President Nicos Anastasiades on Friday toured his home turf of Limassol, to witness the new projects that have flourished during his administration with the highlight being the inauguration of the new Limassol stadium in the evening.
At the same time, he highlighted the importance of English language learning, if Limassol and the island’s other towns want to be serious players in the creation of jobs at multinational companies that are setting up base there.
In the morning, he visited a waste treatment plant and a construction site where works to prevent flooding were underway, accompanied by Transport Minister Yiannis Karousos, Labour Minister Kyriacos Koushos, Agriculture Minister Costas Kadis and Deputy Social Welfare Minister Anastasia Anthousi, as well as Limassol’s mayor Nicos Nicolaides.
Congratulating the mayor for the developments that have transformed Limassol, Anastasiades said the government has supported local authorities in projects aimed at boosting cities.
“We fought hard to win EU funds to revitalise our recovery from a financial crisis, so as to be announcing projects from 2015,” he said.
In the past 10 years, there have been 79 projects implemented in Limassol, at a cost of €490 million. So far, projects worth €231m have been completed, including boosting the road networks in Limassol. the construction of a wastewater plant in Vati, renewing Tepak’s university library and the Franklin Roosevelt Avenue works.
“Limassol has transformed into a city that has nothing to envy from other EU countries, or the possibilities it has in all sectors to further develop it,” Anastasiades noted.
His last visit of the day, the highlight, was to the new Limassol stadium, which he inaugurated during an emotional speech.
“I feel that today is a historic day for Cypriot football, and for sports in general, and is the culmination of the efforts that began in 2014 when the three historic teams of Limassol joined forces, decided that they should overcome the previous problems and thus give the possibility for the state to take responsibility for the construction of this truly magnificent stadium which will host the three teams and not only, but also the national teams and those of the other teams who would like to use it,” Anastasiades concluded.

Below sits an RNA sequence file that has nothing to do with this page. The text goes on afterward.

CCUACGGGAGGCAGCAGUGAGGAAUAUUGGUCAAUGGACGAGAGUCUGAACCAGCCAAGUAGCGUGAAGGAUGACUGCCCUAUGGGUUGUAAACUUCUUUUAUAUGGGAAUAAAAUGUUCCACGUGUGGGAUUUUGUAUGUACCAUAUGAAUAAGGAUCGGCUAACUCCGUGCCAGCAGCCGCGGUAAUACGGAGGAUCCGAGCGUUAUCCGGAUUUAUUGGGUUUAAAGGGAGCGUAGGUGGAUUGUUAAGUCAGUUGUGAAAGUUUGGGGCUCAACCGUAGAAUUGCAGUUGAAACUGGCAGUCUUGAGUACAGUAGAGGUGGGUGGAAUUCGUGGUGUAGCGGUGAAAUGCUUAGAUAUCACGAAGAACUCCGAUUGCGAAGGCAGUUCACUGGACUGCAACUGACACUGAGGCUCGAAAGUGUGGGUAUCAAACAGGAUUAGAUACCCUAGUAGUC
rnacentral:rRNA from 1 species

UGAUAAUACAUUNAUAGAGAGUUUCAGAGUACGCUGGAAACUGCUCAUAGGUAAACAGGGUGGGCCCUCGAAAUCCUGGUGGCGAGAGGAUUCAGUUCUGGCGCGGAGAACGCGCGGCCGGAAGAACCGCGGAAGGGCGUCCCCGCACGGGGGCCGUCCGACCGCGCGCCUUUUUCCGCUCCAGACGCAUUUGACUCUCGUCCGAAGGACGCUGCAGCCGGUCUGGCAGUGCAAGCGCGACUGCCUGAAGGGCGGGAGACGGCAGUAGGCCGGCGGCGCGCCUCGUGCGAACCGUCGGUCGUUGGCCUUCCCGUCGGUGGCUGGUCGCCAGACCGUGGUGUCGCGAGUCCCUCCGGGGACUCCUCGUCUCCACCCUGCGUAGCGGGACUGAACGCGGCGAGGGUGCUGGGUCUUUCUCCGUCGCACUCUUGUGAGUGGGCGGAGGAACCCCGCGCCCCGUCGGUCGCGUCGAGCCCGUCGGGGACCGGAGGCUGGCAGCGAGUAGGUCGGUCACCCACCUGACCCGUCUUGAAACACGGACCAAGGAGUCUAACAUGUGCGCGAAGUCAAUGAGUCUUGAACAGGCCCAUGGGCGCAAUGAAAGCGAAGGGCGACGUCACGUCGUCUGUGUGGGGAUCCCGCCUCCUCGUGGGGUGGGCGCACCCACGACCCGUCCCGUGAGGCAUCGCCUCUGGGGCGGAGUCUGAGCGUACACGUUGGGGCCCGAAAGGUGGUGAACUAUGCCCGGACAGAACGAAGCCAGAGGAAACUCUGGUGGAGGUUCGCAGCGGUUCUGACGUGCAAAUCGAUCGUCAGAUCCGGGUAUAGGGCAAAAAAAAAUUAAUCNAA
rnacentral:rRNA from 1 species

Earlier he had also inaugurated the Adult Employment Centre, and visited the Municipal Centre for Communal Programmes Municipal Apartment Buildings.
He then laid the foundation stone at the B’ Technical School in Limassol, and at noon inaugurated the Post-Secondary Professional Training Institute.
“No one can ignore the fact that in the last few years, there has been an observed increase in tourism and business activity in the city, attracting new investments, creating new job opportunities and consequently brought a number of benefits in the financial, commercial, tourism and cultural level,” he said.
The budget provides for the construction of a new wing, as well an outdoor sports and entertainment area. The broader aim is to ensure schools are modern, educational, functional and safe places for learning, Anastasiades said.
In the afternoon, the president inaugurated the Cyprus University of Technology’s Department of Fine Arts’ new classrooms and the administrative offices.
“The current government has shown and will continue to show until its last day in power, for education and for the further upgrading of Tepak,” Anastasiades said.
Anastasiades stressed that knowledge of the English language would facilitate young scientists in the labour market, noting the great interest from multinational companies in Cyprus.
“I heard what I have passionately supported since 1991, that the English language is among those that must be introduced in universities because in this way it allows cooperation with other universities abroad.”
“When we invest or when the headquarters of large companies are moved to Cyprus and they need Tepak graduates, is English necessary or not? How will they get along? Shall we oblige giant companies to learn Greek so that they can communicate with our graduates, our scientists? Because the high level of education provided cannot be ignored,” he said.
Addressing the MPs present, he invited them to consider the issue as soon as possible for the progress of both the University of Cyprus and Tepak, taking into account, as he said, the competition between private and state universities.
Therefore, I appeal to the House of Representatives to move forward, so that a backlog that has existed for years can be overcome.”
Meanwhile, in light of the island’s place in the shipping world, the president hailed the creation of the department of maritime science.
“It is something that was missing and will significantly contribute. Suffice to say that Cyprus is third in ship management in Europe and 11th worldwide. Therefore, it is an absolutely necessary educational service that will be offered to our young people and I am sure that the new government, whoever it is, will be on the side of local education,” he noted.